You can stay in a holiday cottage in Brittany, for a week.


Ours was in a hamlet not far from Malestroit.

Malestroit is a pretty town of half timbered houses.
The church in the centre of town is B
asilique Notre Dame du Roncier (Our Lady of the Brambles). The style of this church represents the architecture of the 15th century, and parts date from the 12th century.

In the church this tomb has a knight and his wife lying side by side.

The church has chapels on either side of the main building.

The Nantes Brest canal joins the river Oust nearby.

This is the cottage that goes with a lock near Malestroit.

Josselin is 45 miles west of Rennes and 53 miles east of Lorient. The town is dominated by its medieval castle which stands on the river Oust that skirts the town.
The first castle was built early in the 11th century by Guethenoc. This castle was razed to the ground by King Henry II of England.
In 1173 rebuilding of the castle began, this continued until 1488 when Jean de Rohan the occupier was ordered by Francois II, Duke of Brittany to pull down some of the main fortifications, (Which had made it one of the strongest castles in Brittany,) as a punishment for siding with the King of France against him.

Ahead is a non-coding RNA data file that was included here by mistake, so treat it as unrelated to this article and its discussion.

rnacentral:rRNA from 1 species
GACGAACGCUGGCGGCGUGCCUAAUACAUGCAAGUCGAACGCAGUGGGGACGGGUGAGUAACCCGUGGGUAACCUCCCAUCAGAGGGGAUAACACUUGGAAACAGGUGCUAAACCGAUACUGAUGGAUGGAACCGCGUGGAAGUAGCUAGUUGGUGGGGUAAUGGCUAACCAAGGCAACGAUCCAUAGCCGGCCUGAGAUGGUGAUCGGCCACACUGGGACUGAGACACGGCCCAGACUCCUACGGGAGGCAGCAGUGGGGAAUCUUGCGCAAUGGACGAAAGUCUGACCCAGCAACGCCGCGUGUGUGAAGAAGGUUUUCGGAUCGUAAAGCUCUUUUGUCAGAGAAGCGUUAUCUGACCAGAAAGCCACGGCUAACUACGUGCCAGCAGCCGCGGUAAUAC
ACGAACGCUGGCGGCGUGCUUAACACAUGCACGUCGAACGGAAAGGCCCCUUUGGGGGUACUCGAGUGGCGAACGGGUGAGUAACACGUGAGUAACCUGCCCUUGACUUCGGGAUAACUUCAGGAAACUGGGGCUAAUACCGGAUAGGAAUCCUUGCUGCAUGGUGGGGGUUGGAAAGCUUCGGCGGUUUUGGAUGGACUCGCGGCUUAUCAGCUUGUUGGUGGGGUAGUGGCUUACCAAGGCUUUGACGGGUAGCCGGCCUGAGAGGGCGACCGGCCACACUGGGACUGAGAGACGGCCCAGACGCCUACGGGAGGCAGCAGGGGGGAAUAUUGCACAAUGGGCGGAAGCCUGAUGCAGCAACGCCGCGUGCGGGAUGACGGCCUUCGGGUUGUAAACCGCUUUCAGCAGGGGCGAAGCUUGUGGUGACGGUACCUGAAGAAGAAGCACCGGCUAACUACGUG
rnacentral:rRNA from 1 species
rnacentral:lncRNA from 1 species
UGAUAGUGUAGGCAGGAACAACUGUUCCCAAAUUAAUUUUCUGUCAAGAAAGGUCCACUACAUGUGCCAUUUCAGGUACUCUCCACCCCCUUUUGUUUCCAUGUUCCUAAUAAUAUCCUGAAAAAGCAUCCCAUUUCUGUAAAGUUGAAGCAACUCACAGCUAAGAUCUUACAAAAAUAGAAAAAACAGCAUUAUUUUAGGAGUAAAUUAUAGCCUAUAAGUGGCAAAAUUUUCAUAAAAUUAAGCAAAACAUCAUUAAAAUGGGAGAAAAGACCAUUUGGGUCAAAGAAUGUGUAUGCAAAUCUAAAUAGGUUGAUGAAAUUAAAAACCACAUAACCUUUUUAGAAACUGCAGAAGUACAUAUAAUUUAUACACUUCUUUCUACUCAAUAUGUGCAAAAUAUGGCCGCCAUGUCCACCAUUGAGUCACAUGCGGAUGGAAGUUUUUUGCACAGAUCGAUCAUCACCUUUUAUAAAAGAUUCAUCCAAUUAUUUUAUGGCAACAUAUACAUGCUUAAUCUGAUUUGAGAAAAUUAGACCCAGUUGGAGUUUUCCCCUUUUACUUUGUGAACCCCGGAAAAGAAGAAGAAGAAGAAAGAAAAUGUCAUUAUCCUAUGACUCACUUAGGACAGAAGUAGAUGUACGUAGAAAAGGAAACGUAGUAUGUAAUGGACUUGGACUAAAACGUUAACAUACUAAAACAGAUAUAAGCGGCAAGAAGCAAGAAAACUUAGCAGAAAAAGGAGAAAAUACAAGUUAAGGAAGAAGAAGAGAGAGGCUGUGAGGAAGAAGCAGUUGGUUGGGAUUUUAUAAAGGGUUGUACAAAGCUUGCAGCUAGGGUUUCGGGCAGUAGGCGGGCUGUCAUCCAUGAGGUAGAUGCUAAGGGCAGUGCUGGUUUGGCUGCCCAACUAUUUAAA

Hugh de Rohan the leader of the French Huguenots was ordered to further demolish parts of the castle on the orders of Cardinal Richelieu in 1629. Despite this the Rohan family still own the Chateau today.
A visit to Chateau Josselin, by the river is a must.
 The talk in the chateau is very interesting, but only in French.

Brittany's history has long been connected with that of England, and has Celtic influences. The Breton Language, is similar to Welsh and is on local road signs.

At Carnac four thousand years ago ancient man built monuments that were arrangements of large stones in rows.




The rows were possibly a symbol of special events for the community?


The coastal part of Carnac is not far from the standing stones.